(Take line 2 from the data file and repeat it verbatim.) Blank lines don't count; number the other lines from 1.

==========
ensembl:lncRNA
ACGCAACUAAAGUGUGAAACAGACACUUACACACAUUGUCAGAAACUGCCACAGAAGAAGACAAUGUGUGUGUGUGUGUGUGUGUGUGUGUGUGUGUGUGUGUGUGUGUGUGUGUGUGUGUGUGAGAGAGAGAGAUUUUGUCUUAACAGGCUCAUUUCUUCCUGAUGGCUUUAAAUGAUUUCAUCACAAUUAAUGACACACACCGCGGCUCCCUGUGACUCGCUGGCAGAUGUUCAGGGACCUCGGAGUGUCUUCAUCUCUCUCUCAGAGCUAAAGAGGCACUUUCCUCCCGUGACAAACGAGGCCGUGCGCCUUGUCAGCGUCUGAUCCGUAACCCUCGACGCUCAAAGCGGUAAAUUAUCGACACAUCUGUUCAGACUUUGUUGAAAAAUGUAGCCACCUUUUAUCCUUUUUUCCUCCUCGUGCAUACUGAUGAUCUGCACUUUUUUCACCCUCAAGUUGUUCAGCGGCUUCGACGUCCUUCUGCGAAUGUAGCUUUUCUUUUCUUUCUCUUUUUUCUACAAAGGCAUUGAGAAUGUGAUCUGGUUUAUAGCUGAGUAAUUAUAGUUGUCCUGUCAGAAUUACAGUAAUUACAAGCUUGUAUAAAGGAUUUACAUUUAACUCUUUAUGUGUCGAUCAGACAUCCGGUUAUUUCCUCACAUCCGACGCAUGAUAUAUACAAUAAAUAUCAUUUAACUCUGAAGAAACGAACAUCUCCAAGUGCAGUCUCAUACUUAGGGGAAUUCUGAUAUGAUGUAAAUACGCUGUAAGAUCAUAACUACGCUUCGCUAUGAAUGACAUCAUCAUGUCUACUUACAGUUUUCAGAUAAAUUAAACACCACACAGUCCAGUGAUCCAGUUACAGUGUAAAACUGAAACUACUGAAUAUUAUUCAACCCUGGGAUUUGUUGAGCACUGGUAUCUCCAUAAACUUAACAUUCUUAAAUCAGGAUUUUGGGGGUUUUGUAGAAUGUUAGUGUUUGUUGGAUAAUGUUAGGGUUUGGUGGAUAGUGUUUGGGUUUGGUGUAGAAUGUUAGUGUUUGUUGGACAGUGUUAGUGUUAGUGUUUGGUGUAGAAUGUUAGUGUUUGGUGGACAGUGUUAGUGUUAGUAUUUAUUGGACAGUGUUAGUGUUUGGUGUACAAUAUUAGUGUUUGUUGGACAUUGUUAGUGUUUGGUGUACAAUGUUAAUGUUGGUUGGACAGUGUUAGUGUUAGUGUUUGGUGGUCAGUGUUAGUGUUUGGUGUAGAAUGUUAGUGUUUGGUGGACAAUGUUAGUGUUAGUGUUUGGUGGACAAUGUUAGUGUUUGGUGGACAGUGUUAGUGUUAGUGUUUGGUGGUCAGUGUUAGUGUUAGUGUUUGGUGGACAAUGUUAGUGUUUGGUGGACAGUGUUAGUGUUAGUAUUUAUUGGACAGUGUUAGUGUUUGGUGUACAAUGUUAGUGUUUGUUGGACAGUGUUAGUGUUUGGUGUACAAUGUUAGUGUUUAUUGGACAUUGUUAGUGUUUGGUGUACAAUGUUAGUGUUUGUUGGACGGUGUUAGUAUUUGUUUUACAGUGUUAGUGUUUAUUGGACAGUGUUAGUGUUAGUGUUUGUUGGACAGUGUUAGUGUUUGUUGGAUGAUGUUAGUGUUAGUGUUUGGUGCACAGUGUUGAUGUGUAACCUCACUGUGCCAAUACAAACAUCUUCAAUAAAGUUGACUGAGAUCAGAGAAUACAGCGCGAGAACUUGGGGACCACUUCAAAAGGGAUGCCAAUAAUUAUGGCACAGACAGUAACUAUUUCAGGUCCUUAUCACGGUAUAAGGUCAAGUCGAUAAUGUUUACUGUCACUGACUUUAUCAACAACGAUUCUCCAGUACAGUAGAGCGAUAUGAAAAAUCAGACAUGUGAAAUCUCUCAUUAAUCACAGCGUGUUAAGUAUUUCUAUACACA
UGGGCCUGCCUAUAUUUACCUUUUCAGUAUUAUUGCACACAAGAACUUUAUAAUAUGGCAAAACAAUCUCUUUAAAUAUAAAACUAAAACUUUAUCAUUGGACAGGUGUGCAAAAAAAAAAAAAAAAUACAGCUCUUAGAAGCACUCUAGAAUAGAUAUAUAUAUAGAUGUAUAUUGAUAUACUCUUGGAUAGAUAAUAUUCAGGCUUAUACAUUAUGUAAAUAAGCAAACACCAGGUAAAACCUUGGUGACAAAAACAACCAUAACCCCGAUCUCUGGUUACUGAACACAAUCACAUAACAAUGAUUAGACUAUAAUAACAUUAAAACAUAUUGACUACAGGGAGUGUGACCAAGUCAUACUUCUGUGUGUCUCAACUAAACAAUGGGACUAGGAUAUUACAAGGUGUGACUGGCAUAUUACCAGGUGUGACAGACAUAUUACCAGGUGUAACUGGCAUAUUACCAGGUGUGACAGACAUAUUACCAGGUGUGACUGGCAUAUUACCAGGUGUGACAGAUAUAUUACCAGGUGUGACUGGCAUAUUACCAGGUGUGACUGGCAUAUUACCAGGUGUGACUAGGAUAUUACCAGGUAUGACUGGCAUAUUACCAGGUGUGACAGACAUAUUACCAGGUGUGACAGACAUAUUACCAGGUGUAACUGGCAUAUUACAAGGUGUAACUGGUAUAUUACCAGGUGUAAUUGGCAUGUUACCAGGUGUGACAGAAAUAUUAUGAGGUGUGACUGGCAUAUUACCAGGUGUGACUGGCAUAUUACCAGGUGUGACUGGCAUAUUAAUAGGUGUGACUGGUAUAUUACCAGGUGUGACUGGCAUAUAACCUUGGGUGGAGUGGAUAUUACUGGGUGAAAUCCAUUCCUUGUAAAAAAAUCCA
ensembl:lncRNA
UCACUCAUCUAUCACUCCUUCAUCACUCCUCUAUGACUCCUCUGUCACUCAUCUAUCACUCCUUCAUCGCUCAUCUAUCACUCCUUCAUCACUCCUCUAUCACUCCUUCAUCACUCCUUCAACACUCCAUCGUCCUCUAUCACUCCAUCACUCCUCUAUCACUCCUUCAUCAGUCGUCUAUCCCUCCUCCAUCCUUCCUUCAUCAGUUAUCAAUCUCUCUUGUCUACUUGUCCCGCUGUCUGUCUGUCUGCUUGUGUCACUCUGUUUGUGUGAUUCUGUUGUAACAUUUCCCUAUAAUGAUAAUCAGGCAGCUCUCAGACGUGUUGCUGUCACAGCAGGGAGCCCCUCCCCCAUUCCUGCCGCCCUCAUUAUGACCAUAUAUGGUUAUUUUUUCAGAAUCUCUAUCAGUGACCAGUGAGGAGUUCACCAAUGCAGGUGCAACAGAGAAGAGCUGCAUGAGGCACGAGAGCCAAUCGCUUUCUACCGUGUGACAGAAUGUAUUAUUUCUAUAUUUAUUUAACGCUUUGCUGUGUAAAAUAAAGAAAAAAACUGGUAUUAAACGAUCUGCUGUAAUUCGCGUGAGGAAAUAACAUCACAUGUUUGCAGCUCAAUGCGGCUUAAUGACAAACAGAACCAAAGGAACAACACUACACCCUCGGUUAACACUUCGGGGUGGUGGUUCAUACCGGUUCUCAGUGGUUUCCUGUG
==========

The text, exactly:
ACGCAACUAAAGUGUGAAACAGACACUUACACACAUUGUCAGAAACUGCCACAGAAGAAGACAAUGUGUGUGUGUGUGUGUGUGUGUGUGUGUGUGUGUGUGUGUGUGUGUGUGUGUGUGUGUGAGAGAGAGAGAUUUUGUCUUAACAGGCUCAUUUCUUCCUGAUGGCUUUAAAUGAUUUCAUCACAAUUAAUGACACACACCGCGGCUCCCUGUGACUCGCUGGCAGAUGUUCAGGGACCUCGGAGUGUCUUCAUCUCUCUCUCAGAGCUAAAGAGGCACUUUCCUCCCGUGACAAACGAGGCCGUGCGCCUUGUCAGCGUCUGAUCCGUAACCCUCGACGCUCAAAGCGGUAAAUUAUCGACACAUCUGUUCAGACUUUGUUGAAAAAUGUAGCCACCUUUUAUCCUUUUUUCCUCCUCGUGCAUACUGAUGAUCUGCACUUUUUUCACCCUCAAGUUGUUCAGCGGCUUCGACGUCCUUCUGCGAAUGUAGCUUUUCUUUUCUUUCUCUUUUUUCUACAAAGGCAUUGAGAAUGUGAUCUGGUUUAUAGCUGAGUAAUUAUAGUUGUCCUGUCAGAAUUACAGUAAUUACAAGCUUGUAUAAAGGAUUUACAUUUAACUCUUUAUGUGUCGAUCAGACAUCCGGUUAUUUCCUCACAUCCGACGCAUGAUAUAUACAAUAAAUAUCAUUUAACUCUGAAGAAACGAACAUCUCCAAGUGCAGUCUCAUACUUAGGGGAAUUCUGAUAUGAUGUAAAUACGCUGUAAGAUCAUAACUACGCUUCGCUAUGAAUGACAUCAUCAUGUCUACUUACAGUUUUCAGAUAAAUUAAACACCACACAGUCCAGUGAUCCAGUUACAGUGUAAAACUGAAACUACUGAAUAUUAUUCAACCCUGGGAUUUGUUGAGCACUGGUAUCUCCAUAAACUUAACAUUCUUAAAUCAGGAUUUUGGGGGUUUUGUAGAAUGUUAGUGUUUGUUGGAUAAUGUUAGGGUUUGGUGGAUAGUGUUUGGGUUUGGUGUAGAAUGUUAGUGUUUGUUGGACAGUGUUAGUGUUAGUGUUUGGUGUAGAAUGUUAGUGUUUGGUGGACAGUGUUAGUGUUAGUAUUUAUUGGACAGUGUUAGUGUUUGGUGUACAAUAUUAGUGUUUGUUGGACAUUGUUAGUGUUUGGUGUACAAUGUUAAUGUUGGUUGGACAGUGUUAGUGUUAGUGUUUGGUGGUCAGUGUUAGUGUUUGGUGUAGAAUGUUAGUGUUUGGUGGACAAUGUUAGUGUUAGUGUUUGGUGGACAAUGUUAGUGUUUGGUGGACAGUGUUAGUGUUAGUGUUUGGUGGUCAGUGUUAGUGUUAGUGUUUGGUGGACAAUGUUAGUGUUUGGUGGACAGUGUUAGUGUUAGUAUUUAUUGGACAGUGUUAGUGUUUGGUGUACAAUGUUAGUGUUUGUUGGACAGUGUUAGUGUUUGGUGUACAAUGUUAGUGUUUAUUGGACAUUGUUAGUGUUUGGUGUACAAUGUUAGUGUUUGUUGGACGGUGUUAGUAUUUGUUUUACAGUGUUAGUGUUUAUUGGACAGUGUUAGUGUUAGUGUUUGUUGGACAGUGUUAGUGUUUGUUGGAUGAUGUUAGUGUUAGUGUUUGGUGCACAGUGUUGAUGUGUAACCUCACUGUGCCAAUACAAACAUCUUCAAUAAAGUUGACUGAGAUCAGAGAAUACAGCGCGAGAACUUGGGGACCACUUCAAAAGGGAUGCCAAUAAUUAUGGCACAGACAGUAACUAUUUCAGGUCCUUAUCACGGUAUAAGGUCAAGUCGAUAAUGUUUACUGUCACUGACUUUAUCAACAACGAUUCUCCAGUACAGUAGAGCGAUAUGAAAAAUCAGACAUGUGAAAUCUCUCAUUAAUCACAGCGUGUUAAGUAUUUCUAUACACA